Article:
Election Fallout: What’s Next For The Republican Party
Election Fallout is a series which will look at what’s next for the Progressive wing of the Democratic Party, the Democratic Party, and Republicans following the 2018 general elections.
Received so many Congratulations from so many on our Big Victory last night, including from foreign nations (friends) that were waiting me out, and hoping, on Trade Deals. Now we can all get back to work and get things done!
— Donald J. Trump (@realDonaldTrump) November 7, 2018
People are not being told that the Republican Party is on track to pick up two seats in the U.S. Senate, and epic victory: 53 to 47. The Fake News Media only wants to speak of the House, where the Midterm results were better than other sitting Presidents.
— Donald J. Trump (@realDonaldTrump) November 16, 2018
Despite President Donald Trump’s spin, the 2018 midterm elections were not positive for the Republican Party. The GOP lost a net seven Gubernatorial seats (Illinois, Kansas, Maine, Michigan, Nevada, New Mexico, and Wisconsin), at least 36 seats in the House of Representatives, and five legislative chambers. According to the National Conference of State Legislatures (NCSL):
After legislative elections on Tuesday, Nov. 6, five legislative chambers flipped from Republican to Democratic. Democrats also took control of the tied Connecticut Senate and fully functional control of the New York Senate—it was a Democratic sweep. However, compared to past midterms, the gains were modest with Republicans maintaining a robust position in state legislatures.
With such sweeping results, the Republicans at the federal level should change their rhetoric regarding Social Security and Medicare. From an October interview from Bloomberg with Mitch McConnell:
“It’s disappointing, but it’s not a Republican problem. It’s a bipartisan problem: unwillingness to address the real drivers of the debt by doing anything to adjust those programs to the demographics of America in the future.”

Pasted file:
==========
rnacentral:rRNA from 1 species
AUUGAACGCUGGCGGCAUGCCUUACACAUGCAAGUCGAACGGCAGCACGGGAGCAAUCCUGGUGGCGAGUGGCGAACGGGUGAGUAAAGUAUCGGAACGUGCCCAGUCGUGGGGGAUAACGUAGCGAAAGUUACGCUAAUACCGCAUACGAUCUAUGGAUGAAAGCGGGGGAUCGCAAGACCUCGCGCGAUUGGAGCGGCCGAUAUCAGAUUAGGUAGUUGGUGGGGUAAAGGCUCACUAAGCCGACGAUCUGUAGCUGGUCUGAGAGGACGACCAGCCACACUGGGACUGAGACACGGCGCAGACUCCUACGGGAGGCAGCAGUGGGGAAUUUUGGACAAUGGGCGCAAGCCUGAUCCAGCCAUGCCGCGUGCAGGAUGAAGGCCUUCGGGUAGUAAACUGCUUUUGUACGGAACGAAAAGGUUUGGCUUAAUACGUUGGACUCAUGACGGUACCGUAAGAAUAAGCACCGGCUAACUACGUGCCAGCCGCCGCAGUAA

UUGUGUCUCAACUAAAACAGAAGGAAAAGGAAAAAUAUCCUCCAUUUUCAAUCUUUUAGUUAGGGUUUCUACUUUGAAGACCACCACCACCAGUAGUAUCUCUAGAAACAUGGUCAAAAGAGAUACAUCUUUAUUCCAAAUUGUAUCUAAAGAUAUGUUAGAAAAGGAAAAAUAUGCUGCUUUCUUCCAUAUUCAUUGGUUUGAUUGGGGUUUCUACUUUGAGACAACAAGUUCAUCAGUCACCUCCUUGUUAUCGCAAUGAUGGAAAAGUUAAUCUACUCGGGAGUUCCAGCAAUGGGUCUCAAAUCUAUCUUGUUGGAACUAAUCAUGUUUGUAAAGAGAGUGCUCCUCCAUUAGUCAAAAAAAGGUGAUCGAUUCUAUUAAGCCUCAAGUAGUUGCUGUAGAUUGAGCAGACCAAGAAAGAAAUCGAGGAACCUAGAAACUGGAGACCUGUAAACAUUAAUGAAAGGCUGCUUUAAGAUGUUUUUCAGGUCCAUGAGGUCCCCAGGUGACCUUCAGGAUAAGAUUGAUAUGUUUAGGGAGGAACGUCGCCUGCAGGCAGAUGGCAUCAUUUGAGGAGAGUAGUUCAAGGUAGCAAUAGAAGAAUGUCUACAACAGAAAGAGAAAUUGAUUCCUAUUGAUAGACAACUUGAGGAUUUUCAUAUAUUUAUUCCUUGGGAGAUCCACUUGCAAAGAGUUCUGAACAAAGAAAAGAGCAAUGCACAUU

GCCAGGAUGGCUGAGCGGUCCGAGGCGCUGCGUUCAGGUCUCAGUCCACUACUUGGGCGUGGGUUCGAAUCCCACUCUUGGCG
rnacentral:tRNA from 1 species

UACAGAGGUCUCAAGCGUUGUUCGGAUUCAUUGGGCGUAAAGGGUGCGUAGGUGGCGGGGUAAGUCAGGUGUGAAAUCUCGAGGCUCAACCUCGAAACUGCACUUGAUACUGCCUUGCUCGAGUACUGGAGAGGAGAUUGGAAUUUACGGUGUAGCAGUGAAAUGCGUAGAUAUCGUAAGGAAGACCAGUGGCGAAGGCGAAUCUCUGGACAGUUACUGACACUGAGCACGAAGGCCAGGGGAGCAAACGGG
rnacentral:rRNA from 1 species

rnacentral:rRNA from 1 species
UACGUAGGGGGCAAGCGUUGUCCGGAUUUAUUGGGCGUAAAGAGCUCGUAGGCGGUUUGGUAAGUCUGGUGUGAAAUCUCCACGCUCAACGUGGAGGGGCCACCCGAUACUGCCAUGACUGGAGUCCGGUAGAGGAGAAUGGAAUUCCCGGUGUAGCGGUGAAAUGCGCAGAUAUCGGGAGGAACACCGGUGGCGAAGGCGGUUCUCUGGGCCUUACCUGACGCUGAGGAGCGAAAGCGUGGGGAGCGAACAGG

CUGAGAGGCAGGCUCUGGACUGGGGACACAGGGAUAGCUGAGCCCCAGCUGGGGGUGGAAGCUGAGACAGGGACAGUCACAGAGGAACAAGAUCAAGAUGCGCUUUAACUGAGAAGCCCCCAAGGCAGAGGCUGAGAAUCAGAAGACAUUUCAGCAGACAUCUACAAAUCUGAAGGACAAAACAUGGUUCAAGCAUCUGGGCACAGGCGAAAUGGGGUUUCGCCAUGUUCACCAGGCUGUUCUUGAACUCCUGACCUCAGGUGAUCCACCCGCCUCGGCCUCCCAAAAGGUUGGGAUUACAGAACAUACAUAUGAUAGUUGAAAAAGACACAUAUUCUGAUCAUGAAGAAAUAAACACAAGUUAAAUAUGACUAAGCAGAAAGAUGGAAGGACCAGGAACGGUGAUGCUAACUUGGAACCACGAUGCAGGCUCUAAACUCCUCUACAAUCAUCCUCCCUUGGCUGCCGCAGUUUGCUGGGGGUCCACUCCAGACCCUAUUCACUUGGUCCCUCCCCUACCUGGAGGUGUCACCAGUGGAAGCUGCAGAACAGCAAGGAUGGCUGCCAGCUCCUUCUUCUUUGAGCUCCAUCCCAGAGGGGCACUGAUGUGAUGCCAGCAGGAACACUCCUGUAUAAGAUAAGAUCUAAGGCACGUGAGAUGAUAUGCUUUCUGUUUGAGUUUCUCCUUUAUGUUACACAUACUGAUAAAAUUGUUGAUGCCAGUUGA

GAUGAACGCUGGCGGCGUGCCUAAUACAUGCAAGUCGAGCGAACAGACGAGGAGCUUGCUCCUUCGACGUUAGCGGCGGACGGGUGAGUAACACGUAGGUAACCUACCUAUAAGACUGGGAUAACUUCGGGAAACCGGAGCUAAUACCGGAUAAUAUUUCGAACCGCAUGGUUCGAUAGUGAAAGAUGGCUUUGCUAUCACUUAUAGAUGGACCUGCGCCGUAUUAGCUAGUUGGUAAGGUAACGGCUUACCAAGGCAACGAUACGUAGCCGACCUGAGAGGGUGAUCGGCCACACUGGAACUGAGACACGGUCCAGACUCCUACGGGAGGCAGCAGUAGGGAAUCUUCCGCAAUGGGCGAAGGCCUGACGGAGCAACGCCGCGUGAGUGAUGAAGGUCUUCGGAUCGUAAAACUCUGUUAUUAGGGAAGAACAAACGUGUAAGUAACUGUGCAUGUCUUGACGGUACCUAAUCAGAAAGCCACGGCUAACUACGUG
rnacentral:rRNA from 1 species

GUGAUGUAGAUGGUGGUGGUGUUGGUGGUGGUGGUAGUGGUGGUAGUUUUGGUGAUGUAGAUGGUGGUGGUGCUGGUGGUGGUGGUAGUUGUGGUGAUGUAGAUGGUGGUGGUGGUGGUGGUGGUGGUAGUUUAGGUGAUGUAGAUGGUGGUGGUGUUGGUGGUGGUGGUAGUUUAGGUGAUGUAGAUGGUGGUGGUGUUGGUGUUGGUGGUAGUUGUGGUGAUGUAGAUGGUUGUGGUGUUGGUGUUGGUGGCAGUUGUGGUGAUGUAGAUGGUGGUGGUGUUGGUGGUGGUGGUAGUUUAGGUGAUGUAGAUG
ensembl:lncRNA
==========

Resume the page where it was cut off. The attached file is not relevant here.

McConnel blamed the rising federal deficit on the popular Medicare, Medicaid, and Social Security programs — not the Republican-backed tax cuts which the non-partisan Congressional Budget Office (CBO) projects will add $1.9 trillion to the national debt between 2018 – 2028. If the Republican Party expects to win future elections outside of gerrymandered congressional districts, they will have to appeal to more than just the wealthiest of Americans, those motivated by hatred, and single-issue voters. According to current vote totals by the New York Times, the Republican Party received approximately six million fewer votes than Democratic candidates in federal House races across the country.
The current far right wing Paleo-Conservative identity of the Republican Party nearly saw them lose the Governor’s house in Georgia. They may have done so if not for the blatant voter suppression efforts of Governor-elect Brian Kemp during his time as the Secretary of State in Georgia. If what has typically been a solid red state is in play for the Democratic Party, it will become extremely difficult for the GOP to have a path to an electoral college victory during Presidential elections. Of note, this would only matter if a Democratic candidate doesn’t neglect to campaign in traditionally blue states like Michigan, Pennsylvania, and Wisconsin. Hillary Clinton made that error during the 2016 Presidential campaign, which may have cost her the election despite election interference orchestrated by Vladimir Putin.
With President Trump leading the Republican Party, it’s highly unlikely the party will see any change prior to the 2020 elections. On their current path, they could lose control of the Senate, while losing more ground in the House. Susan Collins (R-ME), Cory Gardner (R-CO), Thom Tillis (R-NC), and David Perdue (R-GA) are vulnerable Senators who could lose in two years.
The exit polls from the 2018 elections also paint a bleak future from the GOP on a national level, with younger voters largely rebuking the party.
Millennial and post-millennial voters are motivated by Universal Healthcare, tuition-free public universities, and are more likely to be turned off by bigotry and racism than older Americans. Conservatives will need to move away from the far-right to appeal to younger voters, yet that does not seem to be in the parties immediate plans. Their best short-term hope is that the Democratic Party continues to run Third Way candidates who embrace neoliberal economics and neoconservative foreign policy against them in general elections.